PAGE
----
About this Research Topic
attention in behavioral economics. Research using experimental and
observational data has shown some robust gender differences in behavior.
For example, on average, women are less likely to compete, less likely to
risk, and less likely to tell selfish lies. At the same time, even though
men and women do differ in their behaviors, there are also many overlaps.
For instance, both men and women tend to be overconfident.
In this Research Topic, we will collect papers that use experimental and
observational data and shed more light on behavioral gender differences
and overlaps. The main criterion for the research papers that we welcome
is that the papers provide novel insights into the decision-making of men
and women and contribute to a deeper understanding of the behavioral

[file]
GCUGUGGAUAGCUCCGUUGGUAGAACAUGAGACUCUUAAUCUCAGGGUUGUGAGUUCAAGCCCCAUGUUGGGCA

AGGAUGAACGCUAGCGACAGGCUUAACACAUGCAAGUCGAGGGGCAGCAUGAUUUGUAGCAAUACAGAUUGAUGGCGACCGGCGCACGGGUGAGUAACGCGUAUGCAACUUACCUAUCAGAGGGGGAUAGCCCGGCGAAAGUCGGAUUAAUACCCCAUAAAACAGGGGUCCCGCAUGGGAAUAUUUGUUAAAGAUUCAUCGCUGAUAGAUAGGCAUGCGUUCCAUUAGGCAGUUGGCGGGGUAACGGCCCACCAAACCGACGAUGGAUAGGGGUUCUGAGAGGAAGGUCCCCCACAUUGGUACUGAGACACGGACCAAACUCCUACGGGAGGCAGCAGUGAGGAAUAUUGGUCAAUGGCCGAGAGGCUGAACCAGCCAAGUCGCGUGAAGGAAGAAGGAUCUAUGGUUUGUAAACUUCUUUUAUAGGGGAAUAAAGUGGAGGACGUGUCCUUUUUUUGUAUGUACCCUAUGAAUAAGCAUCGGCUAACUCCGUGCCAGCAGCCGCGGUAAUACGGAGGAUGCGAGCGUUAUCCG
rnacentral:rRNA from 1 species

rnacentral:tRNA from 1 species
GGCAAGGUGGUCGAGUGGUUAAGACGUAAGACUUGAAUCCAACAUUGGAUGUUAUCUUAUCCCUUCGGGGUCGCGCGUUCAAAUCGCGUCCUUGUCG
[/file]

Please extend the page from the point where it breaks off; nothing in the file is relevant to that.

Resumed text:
economics of gender.
We welcome submissions that use experimental and/or observational data:
1) to shed more light on well-studied topics in behavioral economics of
gender such as risk preferences, social preferences, willingness to
compete, stereotyping, overconfidence, etc.
2) to study novel topics in behavioral economics of gender.
3) that are well-designed, well-powered studies finding null gender differences in behavior, which may help us deepen our understanding of the differences and similarities of gender behavior.
We will consider only the papers that do not use deception of participants
in experimental procedures.
Important Note: All contributions to this Research Topic must be within the scope of the section and journal to which they are submitted, as defined in their mission statements. Frontiers reserves the right to guide an out-of-scope manuscript to a more suitable section or journal at any stage of peer review.